‘He’s still loved:’ John Candy’s legacy lives on, 25 years after his death
TORONTO — Monday marks the 25th anniversary of Canadian comedy star John Candy‘s death, but his family and friends say it feels like he’s still around.
With his legacy enduring to this day — through the impact of the sketch-comedy series SCTV and revered films including Splash, Uncle Buck and Planes, Trains and Automobiles — his children say their father is still fresh in the minds of many fans who often regale them with tales of meeting him or watching his movies.
“It’s something that can go from generation to generation to generation, so I don’t see that slowing down any time soon, just because of everyone who loved him and the work that he created was timeless,” his daughter Jennifer Candy said in a recent phone interview from Los Angeles.
“It’s interesting for us, too, because we’ve been in the centre of his life that’s lived on past his passing,” added son Christopher Candy.
“And to see all of the people who are still interested in wanting to write emails about him to us or want to do projects about him or whatnot, he’s still very much desirable for people to talk about. He’s still very loved.”
Born in Newmarket, Ont., the jovial actor honed his comedy chops as a member of Toronto’s Second City sketch troupe and then a cast member on Second City Television.
His memorable SCTV characters included TV personality Johnny LaRue, and clarinetist Yosh Shmenge of the Shmenge Brothers polka duo.
Candy went on to a major career in Hollywood, with other films including Stripes, Summer Rental, Home Alone and The Great Outdoors.
Behind the scenes, Candy was able to shut off work and focus on his family, said the siblings, who were born in Toronto and moved with their parents to Los Angeles in the mid-1980s. The family still has a farm in Queensville, Ont., and is often in Canada and in touch with the SCTV gang.
Jennifer Candy marvels at how much of a multitasker their dad was, juggling his family with his acting career and business ventures, which included running his own production company and becoming co-owner of the Toronto Argonauts.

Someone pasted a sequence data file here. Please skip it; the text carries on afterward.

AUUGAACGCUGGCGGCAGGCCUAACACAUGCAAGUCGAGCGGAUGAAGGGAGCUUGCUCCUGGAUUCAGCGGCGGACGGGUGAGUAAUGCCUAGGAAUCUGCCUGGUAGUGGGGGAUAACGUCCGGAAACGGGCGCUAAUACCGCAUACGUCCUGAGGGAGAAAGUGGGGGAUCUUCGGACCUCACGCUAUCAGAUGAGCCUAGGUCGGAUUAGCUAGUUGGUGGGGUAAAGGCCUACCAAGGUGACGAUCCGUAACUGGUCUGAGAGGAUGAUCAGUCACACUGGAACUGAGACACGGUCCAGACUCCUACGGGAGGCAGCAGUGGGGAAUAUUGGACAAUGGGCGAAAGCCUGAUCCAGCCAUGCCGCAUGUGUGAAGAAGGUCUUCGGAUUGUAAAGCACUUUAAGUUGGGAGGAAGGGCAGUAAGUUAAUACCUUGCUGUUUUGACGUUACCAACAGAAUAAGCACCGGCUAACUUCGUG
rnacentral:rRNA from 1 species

Through all that, the only thing he neglected was himself, admitted the two, who both followed in their father’s footsteps by becoming actors.
“He was just overworked, he had too much weight on,” said Christopher Candy, 34.
“The interesting thing with him is, he was beginning to turn his life around. I remember right before he passed he was starting to go to a cardiologist and doctors and he was in therapy and was beginning to start working on himself.”
Candy died on March 4, 1994, after suffering a heart attack while shooting the film Wagons East in Durango, Mexico. He was 43.
While he died young, he made a huge mark on the lives of his co-workers, who describe him as incredibly warm and authentic with everyone around him despite his massive fame.
“I loved John dearly,” said Eugene Levy, who played the other Shmenge brother on SCTV and the villainous scientist in Splash.
“We were very, very close friends. I think I worked with John more than anybody else in TV, and on four or five movies. John was a lovely man, first of all, who cared deeply about people. And he was, I think, one of the most gifted comedic actors that honestly has ever been in the business.
“He made such an impact in his movies and people truly loved him. And as an actor, I have to say I think he was kind of underrated…. It always seems like John is still around. That’s how much of an impact he made on your life, you know? You’re still kind of waiting for a phone call.”
Fellow SCTV alum Catherine O’Hara said Candy was “just as wonderful and fun and sweet and great as you would imagine he would be,” and got a kick out of fan interactions.
“If they started doing some little bit with him, he would pick up on it and throw something back to them and they would look at him like, ‘Well, I didn’t expect that,'” she said.
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“But he would also treat them as an equal,” added O’Hara, who delivered a eulogy at his memorial service in Toronto.
For many years, his children found it too difficult to visit his resting place of Holy Cross Cemetery in Culver City, Calif.
Now, on March 4, they try to drop by with flowers. They also remember him in other ways throughout the year, sometimes getting together at his favourite restaurant or going to his favourite movie theatre.
Jennifer has also revisited his career through her “Couch Candy” stage series, featuring Q-and-A’s with Second City alumni.
“I honestly can’t believe this much time has passed,” said Christopher Candy, who was eight years old when his father died, while Jennifer had just turned 14.
“I know, 25; it’s like you’ve lived longer without him than you did with him,” added Jennifer, now 39, who recently gave birth to the first Candy grandchild — a four-month-old boy named Finley John William Sullivan.
“But it feels like he’s never left.”
© 2019 The Canadian Press